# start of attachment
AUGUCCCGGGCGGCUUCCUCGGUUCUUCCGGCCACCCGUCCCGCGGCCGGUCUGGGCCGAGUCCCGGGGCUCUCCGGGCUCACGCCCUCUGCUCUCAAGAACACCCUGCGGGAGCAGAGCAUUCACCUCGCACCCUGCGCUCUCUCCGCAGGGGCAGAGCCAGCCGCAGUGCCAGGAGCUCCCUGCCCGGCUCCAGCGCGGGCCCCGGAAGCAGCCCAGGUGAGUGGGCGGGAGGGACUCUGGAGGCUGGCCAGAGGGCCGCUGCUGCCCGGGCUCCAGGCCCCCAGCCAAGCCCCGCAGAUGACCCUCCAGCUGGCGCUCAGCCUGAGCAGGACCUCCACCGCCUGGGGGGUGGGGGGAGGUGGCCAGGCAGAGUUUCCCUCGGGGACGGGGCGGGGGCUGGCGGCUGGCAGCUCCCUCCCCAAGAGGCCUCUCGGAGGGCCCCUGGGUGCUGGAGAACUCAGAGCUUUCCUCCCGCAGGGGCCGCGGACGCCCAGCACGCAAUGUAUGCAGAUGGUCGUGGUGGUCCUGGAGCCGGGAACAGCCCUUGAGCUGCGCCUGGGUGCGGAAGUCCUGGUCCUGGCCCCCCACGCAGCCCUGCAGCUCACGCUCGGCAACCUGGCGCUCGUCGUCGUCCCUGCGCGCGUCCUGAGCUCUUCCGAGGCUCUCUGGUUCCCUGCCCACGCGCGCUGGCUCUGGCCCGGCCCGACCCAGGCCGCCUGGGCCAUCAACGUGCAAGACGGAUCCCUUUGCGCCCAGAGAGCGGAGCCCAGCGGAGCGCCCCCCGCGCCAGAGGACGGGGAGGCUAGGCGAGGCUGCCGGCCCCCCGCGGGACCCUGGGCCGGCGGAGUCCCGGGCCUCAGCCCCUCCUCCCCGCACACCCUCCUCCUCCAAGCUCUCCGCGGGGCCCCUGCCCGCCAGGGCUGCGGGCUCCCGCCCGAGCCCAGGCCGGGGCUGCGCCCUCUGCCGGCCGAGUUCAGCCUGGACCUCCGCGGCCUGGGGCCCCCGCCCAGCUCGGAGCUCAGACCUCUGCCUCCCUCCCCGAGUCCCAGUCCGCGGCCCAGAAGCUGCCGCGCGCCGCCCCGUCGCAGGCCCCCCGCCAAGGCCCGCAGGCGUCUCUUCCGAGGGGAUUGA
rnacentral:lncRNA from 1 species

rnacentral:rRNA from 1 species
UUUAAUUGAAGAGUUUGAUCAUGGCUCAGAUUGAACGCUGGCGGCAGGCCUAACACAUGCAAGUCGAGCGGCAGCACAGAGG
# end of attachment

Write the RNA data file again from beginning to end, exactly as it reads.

AUGUCCCGGGCGGCUUCCUCGGUUCUUCCGGCCACCCGUCCCGCGGCCGGUCUGGGCCGAGUCCCGGGGCUCUCCGGGCUCACGCCCUCUGCUCUCAAGAACACCCUGCGGGAGCAGAGCAUUCACCUCGCACCCUGCGCUCUCUCCGCAGGGGCAGAGCCAGCCGCAGUGCCAGGAGCUCCCUGCCCGGCUCCAGCGCGGGCCCCGGAAGCAGCCCAGGUGAGUGGGCGGGAGGGACUCUGGAGGCUGGCCAGAGGGCCGCUGCUGCCCGGGCUCCAGGCCCCCAGCCAAGCCCCGCAGAUGACCCUCCAGCUGGCGCUCAGCCUGAGCAGGACCUCCACCGCCUGGGGGGUGGGGGGAGGUGGCCAGGCAGAGUUUCCCUCGGGGACGGGGCGGGGGCUGGCGGCUGGCAGCUCCCUCCCCAAGAGGCCUCUCGGAGGGCCCCUGGGUGCUGGAGAACUCAGAGCUUUCCUCCCGCAGGGGCCGCGGACGCCCAGCACGCAAUGUAUGCAGAUGGUCGUGGUGGUCCUGGAGCCGGGAACAGCCCUUGAGCUGCGCCUGGGUGCGGAAGUCCUGGUCCUGGCCCCCCACGCAGCCCUGCAGCUCACGCUCGGCAACCUGGCGCUCGUCGUCGUCCCUGCGCGCGUCCUGAGCUCUUCCGAGGCUCUCUGGUUCCCUGCCCACGCGCGCUGGCUCUGGCCCGGCCCGACCCAGGCCGCCUGGGCCAUCAACGUGCAAGACGGAUCCCUUUGCGCCCAGAGAGCGGAGCCCAGCGGAGCGCCCCCCGCGCCAGAGGACGGGGAGGCUAGGCGAGGCUGCCGGCCCCCCGCGGGACCCUGGGCCGGCGGAGUCCCGGGCCUCAGCCCCUCCUCCCCGCACACCCUCCUCCUCCAAGCUCUCCGCGGGGCCCCUGCCCGCCAGGGCUGCGGGCUCCCGCCCGAGCCCAGGCCGGGGCUGCGCCCUCUGCCGGCCGAGUUCAGCCUGGACCUCCGCGGCCUGGGGCCCCCGCCCAGCUCGGAGCUCAGACCUCUGCCUCCCUCCCCGAGUCCCAGUCCGCGGCCCAGAAGCUGCCGCGCGCCGCCCCGUCGCAGGCCCCCCGCCAAGGCCCGCAGGCGUCUCUUCCGAGGGGAUUGA
rnacentral:lncRNA from 1 species

rnacentral:rRNA from 1 species
UUUAAUUGAAGAGUUUGAUCAUGGCUCAGAUUGAACGCUGGCGGCAGGCCUAACACAUGCAAGUCGAGCGGCAGCACAGAGG